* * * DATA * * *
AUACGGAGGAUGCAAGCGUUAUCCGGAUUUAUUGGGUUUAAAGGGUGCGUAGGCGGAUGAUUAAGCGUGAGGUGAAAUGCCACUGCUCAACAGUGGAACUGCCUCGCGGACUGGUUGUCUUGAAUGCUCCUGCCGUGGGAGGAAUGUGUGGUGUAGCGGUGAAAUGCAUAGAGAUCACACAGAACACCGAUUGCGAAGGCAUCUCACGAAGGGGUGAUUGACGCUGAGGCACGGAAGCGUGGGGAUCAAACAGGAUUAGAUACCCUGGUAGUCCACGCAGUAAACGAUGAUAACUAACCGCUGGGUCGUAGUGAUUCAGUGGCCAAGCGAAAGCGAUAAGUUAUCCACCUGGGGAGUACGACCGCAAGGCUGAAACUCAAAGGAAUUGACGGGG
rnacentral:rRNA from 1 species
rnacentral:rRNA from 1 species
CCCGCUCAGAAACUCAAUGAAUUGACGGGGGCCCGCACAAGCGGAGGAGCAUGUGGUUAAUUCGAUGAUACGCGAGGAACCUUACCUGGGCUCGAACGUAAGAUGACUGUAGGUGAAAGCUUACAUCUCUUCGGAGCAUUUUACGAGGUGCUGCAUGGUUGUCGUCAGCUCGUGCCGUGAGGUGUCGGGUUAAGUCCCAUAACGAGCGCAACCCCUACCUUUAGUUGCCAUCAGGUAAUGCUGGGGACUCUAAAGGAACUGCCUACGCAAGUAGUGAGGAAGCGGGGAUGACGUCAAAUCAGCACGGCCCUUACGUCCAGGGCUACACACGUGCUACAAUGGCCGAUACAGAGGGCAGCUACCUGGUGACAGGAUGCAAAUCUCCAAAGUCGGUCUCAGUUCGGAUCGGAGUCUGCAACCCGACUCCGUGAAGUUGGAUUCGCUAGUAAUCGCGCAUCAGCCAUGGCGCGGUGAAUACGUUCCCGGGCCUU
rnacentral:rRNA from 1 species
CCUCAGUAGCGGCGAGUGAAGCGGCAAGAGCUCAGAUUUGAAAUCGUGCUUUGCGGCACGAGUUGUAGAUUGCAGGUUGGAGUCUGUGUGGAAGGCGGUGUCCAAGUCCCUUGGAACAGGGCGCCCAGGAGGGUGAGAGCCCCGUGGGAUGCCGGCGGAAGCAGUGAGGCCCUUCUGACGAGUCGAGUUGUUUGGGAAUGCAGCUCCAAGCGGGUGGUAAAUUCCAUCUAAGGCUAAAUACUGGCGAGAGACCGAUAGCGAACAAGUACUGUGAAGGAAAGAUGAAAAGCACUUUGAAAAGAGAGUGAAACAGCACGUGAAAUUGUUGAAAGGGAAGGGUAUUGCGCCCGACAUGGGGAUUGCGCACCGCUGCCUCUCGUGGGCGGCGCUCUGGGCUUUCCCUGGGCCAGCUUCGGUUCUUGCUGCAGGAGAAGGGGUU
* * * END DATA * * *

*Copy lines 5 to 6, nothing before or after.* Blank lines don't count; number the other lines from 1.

rnacentral:rRNA from 1 species
CCUCAGUAGCGGCGAGUGAAGCGGCAAGAGCUCAGAUUUGAAAUCGUGCUUUGCGGCACGAGUUGUAGAUUGCAGGUUGGAGUCUGUGUGGAAGGCGGUGUCCAAGUCCCUUGGAACAGGGCGCCCAGGAGGGUGAGAGCCCCGUGGGAUGCCGGCGGAAGCAGUGAGGCCCUUCUGACGAGUCGAGUUGUUUGGGAAUGCAGCUCCAAGCGGGUGGUAAAUUCCAUCUAAGGCUAAAUACUGGCGAGAGACCGAUAGCGAACAAGUACUGUGAAGGAAAGAUGAAAAGCACUUUGAAAAGAGAGUGAAACAGCACGUGAAAUUGUUGAAAGGGAAGGGUAUUGCGCCCGACAUGGGGAUUGCGCACCGCUGCCUCUCGUGGGCGGCGCUCUGGGCUUUCCCUGGGCCAGCUUCGGUUCUUGCUGCAGGAGAAGGGGUU